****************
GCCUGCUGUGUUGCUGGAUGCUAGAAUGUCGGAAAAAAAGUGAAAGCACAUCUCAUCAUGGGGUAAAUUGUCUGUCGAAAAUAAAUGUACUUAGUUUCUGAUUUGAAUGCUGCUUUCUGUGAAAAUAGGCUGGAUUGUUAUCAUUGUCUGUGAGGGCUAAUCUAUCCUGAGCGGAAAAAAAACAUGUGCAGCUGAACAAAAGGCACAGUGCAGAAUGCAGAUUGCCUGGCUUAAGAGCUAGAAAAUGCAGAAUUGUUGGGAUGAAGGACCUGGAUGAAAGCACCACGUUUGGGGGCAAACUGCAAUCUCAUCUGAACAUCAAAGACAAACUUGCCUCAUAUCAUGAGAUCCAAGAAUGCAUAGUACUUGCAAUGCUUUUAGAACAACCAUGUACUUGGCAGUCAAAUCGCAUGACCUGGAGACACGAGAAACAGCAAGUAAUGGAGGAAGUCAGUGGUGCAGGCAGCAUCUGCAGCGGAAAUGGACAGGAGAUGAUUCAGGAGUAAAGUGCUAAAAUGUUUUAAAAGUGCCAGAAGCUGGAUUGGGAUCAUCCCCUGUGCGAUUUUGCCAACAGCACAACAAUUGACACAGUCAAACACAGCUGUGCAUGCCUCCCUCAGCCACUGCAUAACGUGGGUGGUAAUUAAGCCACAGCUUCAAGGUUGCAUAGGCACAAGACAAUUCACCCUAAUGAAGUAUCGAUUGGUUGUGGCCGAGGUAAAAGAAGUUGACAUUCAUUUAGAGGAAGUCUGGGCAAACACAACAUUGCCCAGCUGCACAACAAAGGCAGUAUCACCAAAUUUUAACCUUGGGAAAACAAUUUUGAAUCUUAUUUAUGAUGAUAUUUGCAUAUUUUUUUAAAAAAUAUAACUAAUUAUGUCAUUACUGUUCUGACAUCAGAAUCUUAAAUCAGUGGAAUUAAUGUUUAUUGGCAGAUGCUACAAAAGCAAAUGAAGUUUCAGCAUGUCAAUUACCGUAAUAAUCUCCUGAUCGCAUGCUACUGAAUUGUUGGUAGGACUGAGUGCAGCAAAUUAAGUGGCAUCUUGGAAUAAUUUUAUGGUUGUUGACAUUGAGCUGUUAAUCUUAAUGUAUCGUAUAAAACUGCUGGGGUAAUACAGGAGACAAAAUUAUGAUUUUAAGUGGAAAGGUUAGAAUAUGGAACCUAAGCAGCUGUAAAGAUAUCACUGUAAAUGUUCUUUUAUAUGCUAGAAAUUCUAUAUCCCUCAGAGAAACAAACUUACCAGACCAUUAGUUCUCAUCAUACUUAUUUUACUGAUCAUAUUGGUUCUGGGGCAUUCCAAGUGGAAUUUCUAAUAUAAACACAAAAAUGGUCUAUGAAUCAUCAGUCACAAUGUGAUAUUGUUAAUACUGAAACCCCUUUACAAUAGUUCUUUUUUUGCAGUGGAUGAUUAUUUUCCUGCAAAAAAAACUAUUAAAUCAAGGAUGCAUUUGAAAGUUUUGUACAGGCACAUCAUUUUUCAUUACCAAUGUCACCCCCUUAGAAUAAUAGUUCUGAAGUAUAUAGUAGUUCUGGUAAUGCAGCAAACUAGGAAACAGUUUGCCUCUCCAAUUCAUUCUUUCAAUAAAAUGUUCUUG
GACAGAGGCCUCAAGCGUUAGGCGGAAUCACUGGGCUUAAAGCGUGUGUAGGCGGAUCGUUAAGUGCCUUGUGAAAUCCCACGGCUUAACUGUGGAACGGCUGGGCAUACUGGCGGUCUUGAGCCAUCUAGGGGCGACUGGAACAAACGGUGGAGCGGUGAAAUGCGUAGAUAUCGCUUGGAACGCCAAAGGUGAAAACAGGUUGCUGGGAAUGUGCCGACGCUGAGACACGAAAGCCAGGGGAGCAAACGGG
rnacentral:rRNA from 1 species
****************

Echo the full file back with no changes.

GCCUGCUGUGUUGCUGGAUGCUAGAAUGUCGGAAAAAAAGUGAAAGCACAUCUCAUCAUGGGGUAAAUUGUCUGUCGAAAAUAAAUGUACUUAGUUUCUGAUUUGAAUGCUGCUUUCUGUGAAAAUAGGCUGGAUUGUUAUCAUUGUCUGUGAGGGCUAAUCUAUCCUGAGCGGAAAAAAAACAUGUGCAGCUGAACAAAAGGCACAGUGCAGAAUGCAGAUUGCCUGGCUUAAGAGCUAGAAAAUGCAGAAUUGUUGGGAUGAAGGACCUGGAUGAAAGCACCACGUUUGGGGGCAAACUGCAAUCUCAUCUGAACAUCAAAGACAAACUUGCCUCAUAUCAUGAGAUCCAAGAAUGCAUAGUACUUGCAAUGCUUUUAGAACAACCAUGUACUUGGCAGUCAAAUCGCAUGACCUGGAGACACGAGAAACAGCAAGUAAUGGAGGAAGUCAGUGGUGCAGGCAGCAUCUGCAGCGGAAAUGGACAGGAGAUGAUUCAGGAGUAAAGUGCUAAAAUGUUUUAAAAGUGCCAGAAGCUGGAUUGGGAUCAUCCCCUGUGCGAUUUUGCCAACAGCACAACAAUUGACACAGUCAAACACAGCUGUGCAUGCCUCCCUCAGCCACUGCAUAACGUGGGUGGUAAUUAAGCCACAGCUUCAAGGUUGCAUAGGCACAAGACAAUUCACCCUAAUGAAGUAUCGAUUGGUUGUGGCCGAGGUAAAAGAAGUUGACAUUCAUUUAGAGGAAGUCUGGGCAAACACAACAUUGCCCAGCUGCACAACAAAGGCAGUAUCACCAAAUUUUAACCUUGGGAAAACAAUUUUGAAUCUUAUUUAUGAUGAUAUUUGCAUAUUUUUUUAAAAAAUAUAACUAAUUAUGUCAUUACUGUUCUGACAUCAGAAUCUUAAAUCAGUGGAAUUAAUGUUUAUUGGCAGAUGCUACAAAAGCAAAUGAAGUUUCAGCAUGUCAAUUACCGUAAUAAUCUCCUGAUCGCAUGCUACUGAAUUGUUGGUAGGACUGAGUGCAGCAAAUUAAGUGGCAUCUUGGAAUAAUUUUAUGGUUGUUGACAUUGAGCUGUUAAUCUUAAUGUAUCGUAUAAAACUGCUGGGGUAAUACAGGAGACAAAAUUAUGAUUUUAAGUGGAAAGGUUAGAAUAUGGAACCUAAGCAGCUGUAAAGAUAUCACUGUAAAUGUUCUUUUAUAUGCUAGAAAUUCUAUAUCCCUCAGAGAAACAAACUUACCAGACCAUUAGUUCUCAUCAUACUUAUUUUACUGAUCAUAUUGGUUCUGGGGCAUUCCAAGUGGAAUUUCUAAUAUAAACACAAAAAUGGUCUAUGAAUCAUCAGUCACAAUGUGAUAUUGUUAAUACUGAAACCCCUUUACAAUAGUUCUUUUUUUGCAGUGGAUGAUUAUUUUCCUGCAAAAAAAACUAUUAAAUCAAGGAUGCAUUUGAAAGUUUUGUACAGGCACAUCAUUUUUCAUUACCAAUGUCACCCCCUUAGAAUAAUAGUUCUGAAGUAUAUAGUAGUUCUGGUAAUGCAGCAAACUAGGAAACAGUUUGCCUCUCCAAUUCAUUCUUUCAAUAAAAUGUUCUUG
GACAGAGGCCUCAAGCGUUAGGCGGAAUCACUGGGCUUAAAGCGUGUGUAGGCGGAUCGUUAAGUGCCUUGUGAAAUCCCACGGCUUAACUGUGGAACGGCUGGGCAUACUGGCGGUCUUGAGCCAUCUAGGGGCGACUGGAACAAACGGUGGAGCGGUGAAAUGCGUAGAUAUCGCUUGGAACGCCAAAGGUGAAAACAGGUUGCUGGGAAUGUGCCGACGCUGAGACACGAAAGCCAGGGGAGCAAACGGG
rnacentral:rRNA from 1 species